"[Paul] Cezanne's epiphany was that our impressions require interpretation; to look is to create what you see.” His masterful post-impressionist works seem to understand that perception is such a huge part of seeing – his paintins (especially his later ones) at a glance seem incomplete – like blurry, unfinished sketches. Our mind fills in the blanks, which neuroscientists later discovered is exactly what happens all the time, anytime we perceive just about anything. (See for yourself - http://www.ibiblio.org/wm/paint/auth/...)

Igor Stravinsky’s masterpiece “The Rite Of Spring” literally caused a riot when it first debuted. It was screeching, cacophonic noise unlike anything anyone had ever heard before. It was punishing and ugly, exactly how Igor wanted it. The brilliance of this work is that now it is considered a masterpiece – our brains have in effect “learned” that this is music. Stravinsky seemed to have an understanding that our brains can take even the harshest dissonance and make it music if it’s done right.

Gertrude Stein attempted to deconstruct language to make it meaningless. She failed, but in doing so found a larger truth about language and its inextricable ties to brain itself. Even her most wild subconscious, free-form ramblings make grammatical sense, if not cognitive sense. (He gives the famous Chomsky example of “Colorless green ideas sleep furiously.”) Linguists like Noam Chomsky and Steven Pinker are still championing this idea of a language instinct.

Virginia Woolf was one of the famous pioneers of stream-of-consciousness writing in the early 20th century. Before this time, most novels were the standard third-person omniscient narrators, but Woolf challenged this idea by not just getting directly into her character’s narration, but into their deepest selves, and showing that the “self” as many neurologists and psychologists now think of it, may not be more than the random firing of synapses, impulse after impulse, not at all separate from the body or mind. (This idea of the self is still up for contention more so than the others.)

I see a lot of laughable reviews along the lines of “No he was NOT a neurologist!” that make me think the point here was missed entirely by some. This is not equating art with science, nor is it championing one over the other. What Lehrer here is doing, in layman’s terms, with little hard science (yet another criticism I see a lot of) is illuminating certain paths which art and science have both crossed. To say that Cezanne was specifically thinking of ocular nerves refracting and processing light rays, or that George Eliot was contemplating neuroplasticity while writing her novels is ridiculous. They weren’t, and nobody is saying otherwise, Lehrer is just showing how these two branches, which too often have little to say to each other, may cross each other in some sort of Venn diagram more often than either realizes.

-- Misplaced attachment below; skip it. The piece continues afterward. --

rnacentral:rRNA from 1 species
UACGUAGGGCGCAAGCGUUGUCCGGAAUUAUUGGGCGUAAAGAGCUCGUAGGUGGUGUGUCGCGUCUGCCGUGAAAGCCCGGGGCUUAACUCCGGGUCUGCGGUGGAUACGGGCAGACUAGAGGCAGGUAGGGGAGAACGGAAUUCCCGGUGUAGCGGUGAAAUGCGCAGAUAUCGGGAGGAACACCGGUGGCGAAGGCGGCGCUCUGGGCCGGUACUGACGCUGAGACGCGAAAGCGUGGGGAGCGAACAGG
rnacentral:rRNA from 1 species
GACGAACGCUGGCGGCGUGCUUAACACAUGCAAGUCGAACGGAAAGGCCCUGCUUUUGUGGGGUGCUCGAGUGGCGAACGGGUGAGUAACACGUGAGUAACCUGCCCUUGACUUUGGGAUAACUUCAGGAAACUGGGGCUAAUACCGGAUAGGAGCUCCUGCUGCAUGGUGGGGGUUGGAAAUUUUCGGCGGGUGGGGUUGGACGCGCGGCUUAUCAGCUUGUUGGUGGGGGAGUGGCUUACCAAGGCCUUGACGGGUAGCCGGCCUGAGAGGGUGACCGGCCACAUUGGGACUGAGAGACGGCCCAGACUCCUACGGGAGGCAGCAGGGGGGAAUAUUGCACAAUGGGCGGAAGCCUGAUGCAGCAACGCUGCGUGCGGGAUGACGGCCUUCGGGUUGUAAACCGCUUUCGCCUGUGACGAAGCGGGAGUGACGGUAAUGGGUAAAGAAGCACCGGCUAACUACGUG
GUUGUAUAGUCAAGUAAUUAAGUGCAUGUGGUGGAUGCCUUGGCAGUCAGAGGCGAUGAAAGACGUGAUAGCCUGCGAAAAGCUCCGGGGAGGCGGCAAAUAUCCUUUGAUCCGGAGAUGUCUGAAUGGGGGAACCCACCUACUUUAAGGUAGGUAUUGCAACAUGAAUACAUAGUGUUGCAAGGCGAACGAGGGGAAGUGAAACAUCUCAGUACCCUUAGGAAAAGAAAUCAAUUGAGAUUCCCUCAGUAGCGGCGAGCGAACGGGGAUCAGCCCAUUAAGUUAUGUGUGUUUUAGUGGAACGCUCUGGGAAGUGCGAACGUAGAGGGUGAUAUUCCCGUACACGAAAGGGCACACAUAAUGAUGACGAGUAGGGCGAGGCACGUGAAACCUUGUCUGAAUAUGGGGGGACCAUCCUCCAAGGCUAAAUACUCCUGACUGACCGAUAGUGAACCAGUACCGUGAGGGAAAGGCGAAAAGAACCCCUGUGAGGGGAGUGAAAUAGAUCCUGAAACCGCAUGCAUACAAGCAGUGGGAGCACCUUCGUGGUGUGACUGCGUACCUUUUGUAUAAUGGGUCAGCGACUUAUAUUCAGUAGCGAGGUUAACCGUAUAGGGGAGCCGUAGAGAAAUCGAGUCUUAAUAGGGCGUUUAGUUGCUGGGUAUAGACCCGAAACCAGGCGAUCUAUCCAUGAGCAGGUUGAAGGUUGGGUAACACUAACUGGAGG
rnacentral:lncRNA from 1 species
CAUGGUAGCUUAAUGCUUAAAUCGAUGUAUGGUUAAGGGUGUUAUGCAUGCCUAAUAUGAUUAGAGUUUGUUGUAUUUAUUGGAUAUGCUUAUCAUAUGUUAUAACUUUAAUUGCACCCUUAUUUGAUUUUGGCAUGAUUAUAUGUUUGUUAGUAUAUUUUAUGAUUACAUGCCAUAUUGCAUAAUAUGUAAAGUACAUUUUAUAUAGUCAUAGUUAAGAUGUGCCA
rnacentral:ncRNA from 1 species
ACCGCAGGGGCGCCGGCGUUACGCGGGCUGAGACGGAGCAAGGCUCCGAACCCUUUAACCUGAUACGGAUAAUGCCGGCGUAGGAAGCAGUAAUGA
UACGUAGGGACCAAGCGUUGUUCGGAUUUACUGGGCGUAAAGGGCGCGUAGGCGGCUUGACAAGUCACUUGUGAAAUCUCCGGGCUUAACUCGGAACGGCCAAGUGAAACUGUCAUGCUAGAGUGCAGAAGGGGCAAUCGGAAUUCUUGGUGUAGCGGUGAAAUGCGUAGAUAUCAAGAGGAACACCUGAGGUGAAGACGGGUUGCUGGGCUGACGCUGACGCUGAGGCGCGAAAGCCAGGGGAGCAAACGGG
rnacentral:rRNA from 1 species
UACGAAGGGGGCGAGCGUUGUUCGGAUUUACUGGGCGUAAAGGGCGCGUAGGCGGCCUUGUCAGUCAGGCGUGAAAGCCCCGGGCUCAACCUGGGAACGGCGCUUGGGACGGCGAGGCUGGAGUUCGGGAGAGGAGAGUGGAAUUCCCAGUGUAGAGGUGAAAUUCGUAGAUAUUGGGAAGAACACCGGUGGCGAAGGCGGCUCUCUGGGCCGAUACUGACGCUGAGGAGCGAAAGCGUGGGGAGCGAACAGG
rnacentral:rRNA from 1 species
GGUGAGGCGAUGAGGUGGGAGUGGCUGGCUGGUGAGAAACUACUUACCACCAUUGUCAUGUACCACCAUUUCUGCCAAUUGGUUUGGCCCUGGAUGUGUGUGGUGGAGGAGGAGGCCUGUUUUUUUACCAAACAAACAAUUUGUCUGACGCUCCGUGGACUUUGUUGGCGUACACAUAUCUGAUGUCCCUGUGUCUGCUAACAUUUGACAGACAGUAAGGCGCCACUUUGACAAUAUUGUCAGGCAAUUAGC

I will admit I was doubtful about some of the connections made, and some of them worked better than others – the Cezanne and Proust chapters worked much better than George Eliot, for example, but as I read on I began to realize Lehrer wasn't actually claiming artistic discovery as much as insight. No, Proust was not a neuroscientist, but as it turns out, he had a few ideas in common with them. The epilogue really summed up Lehrer’s aim with this work, which was to show how art and science aren’t always mutually exclusive, and could benefit from each other immensely. In that respect I think Lehrer has succeeded admirably in his debut. If you’re a fan of nontechnical “pop-science” you’ll find a lot to enjoy here.